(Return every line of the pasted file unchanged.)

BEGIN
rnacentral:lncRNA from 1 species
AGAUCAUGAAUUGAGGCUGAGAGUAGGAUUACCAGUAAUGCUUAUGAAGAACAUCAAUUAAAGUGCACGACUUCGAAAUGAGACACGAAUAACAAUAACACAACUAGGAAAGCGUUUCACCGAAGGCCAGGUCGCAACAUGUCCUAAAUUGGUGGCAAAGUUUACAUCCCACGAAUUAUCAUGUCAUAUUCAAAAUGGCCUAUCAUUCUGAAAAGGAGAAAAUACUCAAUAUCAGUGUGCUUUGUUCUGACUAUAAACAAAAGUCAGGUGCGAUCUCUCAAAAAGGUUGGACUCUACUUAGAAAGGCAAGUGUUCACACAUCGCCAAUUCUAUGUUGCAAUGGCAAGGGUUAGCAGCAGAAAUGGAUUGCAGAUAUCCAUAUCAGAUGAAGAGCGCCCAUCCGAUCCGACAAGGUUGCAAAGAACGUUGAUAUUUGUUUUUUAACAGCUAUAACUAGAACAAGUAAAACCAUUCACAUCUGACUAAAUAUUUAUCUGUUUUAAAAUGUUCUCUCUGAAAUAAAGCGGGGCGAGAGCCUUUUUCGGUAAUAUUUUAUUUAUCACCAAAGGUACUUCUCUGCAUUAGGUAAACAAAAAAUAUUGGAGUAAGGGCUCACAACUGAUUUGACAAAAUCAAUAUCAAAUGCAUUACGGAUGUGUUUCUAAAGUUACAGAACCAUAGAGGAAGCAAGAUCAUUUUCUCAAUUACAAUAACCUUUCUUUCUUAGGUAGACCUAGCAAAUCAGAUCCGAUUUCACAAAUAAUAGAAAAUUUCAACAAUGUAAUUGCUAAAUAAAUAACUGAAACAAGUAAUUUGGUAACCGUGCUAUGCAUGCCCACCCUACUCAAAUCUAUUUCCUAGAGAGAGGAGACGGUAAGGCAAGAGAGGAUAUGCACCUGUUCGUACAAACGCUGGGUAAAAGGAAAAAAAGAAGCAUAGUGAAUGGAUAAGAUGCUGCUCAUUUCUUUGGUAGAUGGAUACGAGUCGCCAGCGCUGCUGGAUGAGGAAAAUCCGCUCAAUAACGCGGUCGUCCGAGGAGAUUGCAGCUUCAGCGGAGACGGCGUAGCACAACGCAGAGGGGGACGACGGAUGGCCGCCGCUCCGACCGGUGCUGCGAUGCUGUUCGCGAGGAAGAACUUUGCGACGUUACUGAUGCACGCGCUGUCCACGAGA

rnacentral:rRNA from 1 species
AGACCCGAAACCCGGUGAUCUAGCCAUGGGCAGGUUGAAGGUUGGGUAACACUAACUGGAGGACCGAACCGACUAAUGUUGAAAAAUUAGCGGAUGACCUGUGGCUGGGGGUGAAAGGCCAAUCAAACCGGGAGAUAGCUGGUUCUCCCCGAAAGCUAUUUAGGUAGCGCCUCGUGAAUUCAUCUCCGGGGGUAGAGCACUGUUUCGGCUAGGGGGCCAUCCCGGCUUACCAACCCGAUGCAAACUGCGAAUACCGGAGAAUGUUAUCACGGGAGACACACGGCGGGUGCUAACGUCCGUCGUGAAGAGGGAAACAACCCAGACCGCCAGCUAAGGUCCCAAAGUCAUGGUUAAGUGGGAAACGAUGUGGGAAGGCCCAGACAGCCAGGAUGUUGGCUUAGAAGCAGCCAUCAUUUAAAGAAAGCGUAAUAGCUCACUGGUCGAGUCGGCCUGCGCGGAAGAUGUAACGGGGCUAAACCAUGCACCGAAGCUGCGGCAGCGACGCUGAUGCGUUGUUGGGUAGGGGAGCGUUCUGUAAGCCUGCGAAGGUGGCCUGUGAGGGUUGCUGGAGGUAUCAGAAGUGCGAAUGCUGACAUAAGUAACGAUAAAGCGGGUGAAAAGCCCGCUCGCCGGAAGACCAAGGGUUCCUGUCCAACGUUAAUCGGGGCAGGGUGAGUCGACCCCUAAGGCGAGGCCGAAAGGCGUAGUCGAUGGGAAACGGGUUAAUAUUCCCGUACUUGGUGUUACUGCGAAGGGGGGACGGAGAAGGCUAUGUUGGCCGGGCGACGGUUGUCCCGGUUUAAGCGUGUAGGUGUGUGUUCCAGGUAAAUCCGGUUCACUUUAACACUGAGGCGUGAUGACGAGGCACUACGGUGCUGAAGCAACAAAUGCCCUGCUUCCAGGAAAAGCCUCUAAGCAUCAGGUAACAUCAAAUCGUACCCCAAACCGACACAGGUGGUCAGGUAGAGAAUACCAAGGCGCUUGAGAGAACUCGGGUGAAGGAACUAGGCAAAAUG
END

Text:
rnacentral:lncRNA from 1 species
AGAUCAUGAAUUGAGGCUGAGAGUAGGAUUACCAGUAAUGCUUAUGAAGAACAUCAAUUAAAGUGCACGACUUCGAAAUGAGACACGAAUAACAAUAACACAACUAGGAAAGCGUUUCACCGAAGGCCAGGUCGCAACAUGUCCUAAAUUGGUGGCAAAGUUUACAUCCCACGAAUUAUCAUGUCAUAUUCAAAAUGGCCUAUCAUUCUGAAAAGGAGAAAAUACUCAAUAUCAGUGUGCUUUGUUCUGACUAUAAACAAAAGUCAGGUGCGAUCUCUCAAAAAGGUUGGACUCUACUUAGAAAGGCAAGUGUUCACACAUCGCCAAUUCUAUGUUGCAAUGGCAAGGGUUAGCAGCAGAAAUGGAUUGCAGAUAUCCAUAUCAGAUGAAGAGCGCCCAUCCGAUCCGACAAGGUUGCAAAGAACGUUGAUAUUUGUUUUUUAACAGCUAUAACUAGAACAAGUAAAACCAUUCACAUCUGACUAAAUAUUUAUCUGUUUUAAAAUGUUCUCUCUGAAAUAAAGCGGGGCGAGAGCCUUUUUCGGUAAUAUUUUAUUUAUCACCAAAGGUACUUCUCUGCAUUAGGUAAACAAAAAAUAUUGGAGUAAGGGCUCACAACUGAUUUGACAAAAUCAAUAUCAAAUGCAUUACGGAUGUGUUUCUAAAGUUACAGAACCAUAGAGGAAGCAAGAUCAUUUUCUCAAUUACAAUAACCUUUCUUUCUUAGGUAGACCUAGCAAAUCAGAUCCGAUUUCACAAAUAAUAGAAAAUUUCAACAAUGUAAUUGCUAAAUAAAUAACUGAAACAAGUAAUUUGGUAACCGUGCUAUGCAUGCCCACCCUACUCAAAUCUAUUUCCUAGAGAGAGGAGACGGUAAGGCAAGAGAGGAUAUGCACCUGUUCGUACAAACGCUGGGUAAAAGGAAAAAAAGAAGCAUAGUGAAUGGAUAAGAUGCUGCUCAUUUCUUUGGUAGAUGGAUACGAGUCGCCAGCGCUGCUGGAUGAGGAAAAUCCGCUCAAUAACGCGGUCGUCCGAGGAGAUUGCAGCUUCAGCGGAGACGGCGUAGCACAACGCAGAGGGGGACGACGGAUGGCCGCCGCUCCGACCGGUGCUGCGAUGCUGUUCGCGAGGAAGAACUUUGCGACGUUACUGAUGCACGCGCUGUCCACGAGA

rnacentral:rRNA from 1 species
AGACCCGAAACCCGGUGAUCUAGCCAUGGGCAGGUUGAAGGUUGGGUAACACUAACUGGAGGACCGAACCGACUAAUGUUGAAAAAUUAGCGGAUGACCUGUGGCUGGGGGUGAAAGGCCAAUCAAACCGGGAGAUAGCUGGUUCUCCCCGAAAGCUAUUUAGGUAGCGCCUCGUGAAUUCAUCUCCGGGGGUAGAGCACUGUUUCGGCUAGGGGGCCAUCCCGGCUUACCAACCCGAUGCAAACUGCGAAUACCGGAGAAUGUUAUCACGGGAGACACACGGCGGGUGCUAACGUCCGUCGUGAAGAGGGAAACAACCCAGACCGCCAGCUAAGGUCCCAAAGUCAUGGUUAAGUGGGAAACGAUGUGGGAAGGCCCAGACAGCCAGGAUGUUGGCUUAGAAGCAGCCAUCAUUUAAAGAAAGCGUAAUAGCUCACUGGUCGAGUCGGCCUGCGCGGAAGAUGUAACGGGGCUAAACCAUGCACCGAAGCUGCGGCAGCGACGCUGAUGCGUUGUUGGGUAGGGGAGCGUUCUGUAAGCCUGCGAAGGUGGCCUGUGAGGGUUGCUGGAGGUAUCAGAAGUGCGAAUGCUGACAUAAGUAACGAUAAAGCGGGUGAAAAGCCCGCUCGCCGGAAGACCAAGGGUUCCUGUCCAACGUUAAUCGGGGCAGGGUGAGUCGACCCCUAAGGCGAGGCCGAAAGGCGUAGUCGAUGGGAAACGGGUUAAUAUUCCCGUACUUGGUGUUACUGCGAAGGGGGGACGGAGAAGGCUAUGUUGGCCGGGCGACGGUUGUCCCGGUUUAAGCGUGUAGGUGUGUGUUCCAGGUAAAUCCGGUUCACUUUAACACUGAGGCGUGAUGACGAGGCACUACGGUGCUGAAGCAACAAAUGCCCUGCUUCCAGGAAAAGCCUCUAAGCAUCAGGUAACAUCAAAUCGUACCCCAAACCGACACAGGUGGUCAGGUAGAGAAUACCAAGGCGCUUGAGAGAACUCGGGUGAAGGAACUAGGCAAAAUG